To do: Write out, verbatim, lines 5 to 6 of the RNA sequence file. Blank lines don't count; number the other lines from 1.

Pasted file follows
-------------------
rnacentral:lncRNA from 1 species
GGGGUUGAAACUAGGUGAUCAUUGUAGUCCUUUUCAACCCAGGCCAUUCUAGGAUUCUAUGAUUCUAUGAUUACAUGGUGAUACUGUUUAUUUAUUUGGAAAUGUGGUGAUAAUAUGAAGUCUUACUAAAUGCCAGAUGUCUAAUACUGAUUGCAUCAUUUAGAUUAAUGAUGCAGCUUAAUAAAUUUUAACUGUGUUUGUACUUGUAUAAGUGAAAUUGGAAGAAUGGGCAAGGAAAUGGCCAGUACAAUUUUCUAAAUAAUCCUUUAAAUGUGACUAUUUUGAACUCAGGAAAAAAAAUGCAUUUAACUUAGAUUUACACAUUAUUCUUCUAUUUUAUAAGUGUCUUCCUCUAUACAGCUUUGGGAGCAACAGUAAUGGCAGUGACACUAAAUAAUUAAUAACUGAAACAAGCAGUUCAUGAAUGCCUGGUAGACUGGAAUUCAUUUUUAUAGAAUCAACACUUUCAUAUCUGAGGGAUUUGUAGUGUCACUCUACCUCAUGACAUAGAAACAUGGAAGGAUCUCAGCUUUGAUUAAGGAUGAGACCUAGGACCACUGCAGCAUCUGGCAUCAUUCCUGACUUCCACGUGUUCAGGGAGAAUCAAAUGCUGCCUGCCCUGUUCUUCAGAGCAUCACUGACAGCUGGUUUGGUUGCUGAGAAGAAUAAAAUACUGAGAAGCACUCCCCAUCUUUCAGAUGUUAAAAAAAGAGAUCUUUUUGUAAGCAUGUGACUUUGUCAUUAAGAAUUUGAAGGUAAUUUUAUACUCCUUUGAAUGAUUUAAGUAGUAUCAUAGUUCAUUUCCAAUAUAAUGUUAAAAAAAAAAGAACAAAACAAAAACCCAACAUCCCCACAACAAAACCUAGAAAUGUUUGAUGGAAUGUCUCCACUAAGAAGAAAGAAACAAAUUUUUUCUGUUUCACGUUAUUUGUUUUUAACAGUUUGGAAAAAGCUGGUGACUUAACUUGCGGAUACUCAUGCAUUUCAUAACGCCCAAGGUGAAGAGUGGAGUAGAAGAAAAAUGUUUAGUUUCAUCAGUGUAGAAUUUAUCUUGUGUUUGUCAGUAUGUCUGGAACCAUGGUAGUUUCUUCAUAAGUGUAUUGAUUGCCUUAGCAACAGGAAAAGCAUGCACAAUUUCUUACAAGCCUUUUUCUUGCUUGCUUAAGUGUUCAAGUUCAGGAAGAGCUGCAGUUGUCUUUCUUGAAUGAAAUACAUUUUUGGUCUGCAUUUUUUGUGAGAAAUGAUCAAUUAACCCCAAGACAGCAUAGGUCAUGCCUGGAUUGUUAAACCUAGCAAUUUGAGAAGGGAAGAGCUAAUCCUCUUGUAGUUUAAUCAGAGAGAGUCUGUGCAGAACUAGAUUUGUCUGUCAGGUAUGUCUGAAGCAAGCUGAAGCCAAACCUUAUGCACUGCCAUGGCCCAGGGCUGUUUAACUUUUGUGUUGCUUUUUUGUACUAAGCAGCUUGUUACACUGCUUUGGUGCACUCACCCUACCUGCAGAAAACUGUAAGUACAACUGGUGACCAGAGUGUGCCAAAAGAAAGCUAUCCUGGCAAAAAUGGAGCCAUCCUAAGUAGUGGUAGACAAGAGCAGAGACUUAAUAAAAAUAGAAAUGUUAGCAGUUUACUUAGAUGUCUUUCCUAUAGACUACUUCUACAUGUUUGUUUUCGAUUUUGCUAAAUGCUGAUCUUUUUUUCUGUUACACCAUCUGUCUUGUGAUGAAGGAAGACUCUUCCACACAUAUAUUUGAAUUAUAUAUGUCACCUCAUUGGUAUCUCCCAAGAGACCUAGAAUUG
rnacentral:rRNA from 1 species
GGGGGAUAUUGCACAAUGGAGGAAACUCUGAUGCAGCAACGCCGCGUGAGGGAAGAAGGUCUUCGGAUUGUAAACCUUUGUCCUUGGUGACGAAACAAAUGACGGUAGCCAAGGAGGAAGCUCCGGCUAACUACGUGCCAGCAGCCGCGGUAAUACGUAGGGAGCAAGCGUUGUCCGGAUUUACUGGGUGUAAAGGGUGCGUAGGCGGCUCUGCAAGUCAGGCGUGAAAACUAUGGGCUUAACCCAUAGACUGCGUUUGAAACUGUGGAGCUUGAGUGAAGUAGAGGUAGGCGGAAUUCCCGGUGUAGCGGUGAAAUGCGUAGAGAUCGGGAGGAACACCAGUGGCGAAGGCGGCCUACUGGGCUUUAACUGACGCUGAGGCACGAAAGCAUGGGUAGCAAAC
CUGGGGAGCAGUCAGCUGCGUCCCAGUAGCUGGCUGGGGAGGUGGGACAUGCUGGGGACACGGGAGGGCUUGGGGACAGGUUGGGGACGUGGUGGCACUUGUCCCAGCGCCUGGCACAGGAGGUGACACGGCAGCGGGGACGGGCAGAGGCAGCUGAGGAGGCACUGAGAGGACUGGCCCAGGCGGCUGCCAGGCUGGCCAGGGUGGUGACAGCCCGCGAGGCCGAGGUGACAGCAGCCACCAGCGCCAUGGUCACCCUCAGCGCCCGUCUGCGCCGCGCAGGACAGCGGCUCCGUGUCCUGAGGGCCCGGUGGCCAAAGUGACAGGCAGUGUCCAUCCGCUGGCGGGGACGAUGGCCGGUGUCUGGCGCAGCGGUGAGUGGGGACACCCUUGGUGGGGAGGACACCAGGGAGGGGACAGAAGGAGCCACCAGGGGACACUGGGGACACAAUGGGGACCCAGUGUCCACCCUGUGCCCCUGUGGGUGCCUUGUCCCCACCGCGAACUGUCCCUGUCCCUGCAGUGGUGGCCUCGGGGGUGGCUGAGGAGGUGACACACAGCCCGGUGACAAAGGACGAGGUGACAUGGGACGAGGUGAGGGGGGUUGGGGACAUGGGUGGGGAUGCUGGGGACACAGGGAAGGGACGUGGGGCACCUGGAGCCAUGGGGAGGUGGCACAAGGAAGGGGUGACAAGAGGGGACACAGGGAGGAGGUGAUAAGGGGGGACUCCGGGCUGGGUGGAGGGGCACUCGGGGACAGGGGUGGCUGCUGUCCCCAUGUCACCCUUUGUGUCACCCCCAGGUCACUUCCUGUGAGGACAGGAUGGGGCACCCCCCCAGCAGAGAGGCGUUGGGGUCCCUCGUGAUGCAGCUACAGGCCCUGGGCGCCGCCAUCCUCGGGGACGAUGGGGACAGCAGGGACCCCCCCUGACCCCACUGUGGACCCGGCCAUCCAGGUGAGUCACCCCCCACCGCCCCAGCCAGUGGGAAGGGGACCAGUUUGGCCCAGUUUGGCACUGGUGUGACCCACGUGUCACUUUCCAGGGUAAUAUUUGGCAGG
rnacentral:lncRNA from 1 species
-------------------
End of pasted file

CUGGGGAGCAGUCAGCUGCGUCCCAGUAGCUGGCUGGGGAGGUGGGACAUGCUGGGGACACGGGAGGGCUUGGGGACAGGUUGGGGACGUGGUGGCACUUGUCCCAGCGCCUGGCACAGGAGGUGACACGGCAGCGGGGACGGGCAGAGGCAGCUGAGGAGGCACUGAGAGGACUGGCCCAGGCGGCUGCCAGGCUGGCCAGGGUGGUGACAGCCCGCGAGGCCGAGGUGACAGCAGCCACCAGCGCCAUGGUCACCCUCAGCGCCCGUCUGCGCCGCGCAGGACAGCGGCUCCGUGUCCUGAGGGCCCGGUGGCCAAAGUGACAGGCAGUGUCCAUCCGCUGGCGGGGACGAUGGCCGGUGUCUGGCGCAGCGGUGAGUGGGGACACCCUUGGUGGGGAGGACACCAGGGAGGGGACAGAAGGAGCCACCAGGGGACACUGGGGACACAAUGGGGACCCAGUGUCCACCCUGUGCCCCUGUGGGUGCCUUGUCCCCACCGCGAACUGUCCCUGUCCCUGCAGUGGUGGCCUCGGGGGUGGCUGAGGAGGUGACACACAGCCCGGUGACAAAGGACGAGGUGACAUGGGACGAGGUGAGGGGGGUUGGGGACAUGGGUGGGGAUGCUGGGGACACAGGGAAGGGACGUGGGGCACCUGGAGCCAUGGGGAGGUGGCACAAGGAAGGGGUGACAAGAGGGGACACAGGGAGGAGGUGAUAAGGGGGGACUCCGGGCUGGGUGGAGGGGCACUCGGGGACAGGGGUGGCUGCUGUCCCCAUGUCACCCUUUGUGUCACCCCCAGGUCACUUCCUGUGAGGACAGGAUGGGGCACCCCCCCAGCAGAGAGGCGUUGGGGUCCCUCGUGAUGCAGCUACAGGCCCUGGGCGCCGCCAUCCUCGGGGACGAUGGGGACAGCAGGGACCCCCCCUGACCCCACUGUGGACCCGGCCAUCCAGGUGAGUCACCCCCCACCGCCCCAGCCAGUGGGAAGGGGACCAGUUUGGCCCAGUUUGGCACUGGUGUGACCCACGUGUCACUUUCCAGGGUAAUAUUUGGCAGG
rnacentral:lncRNA from 1 species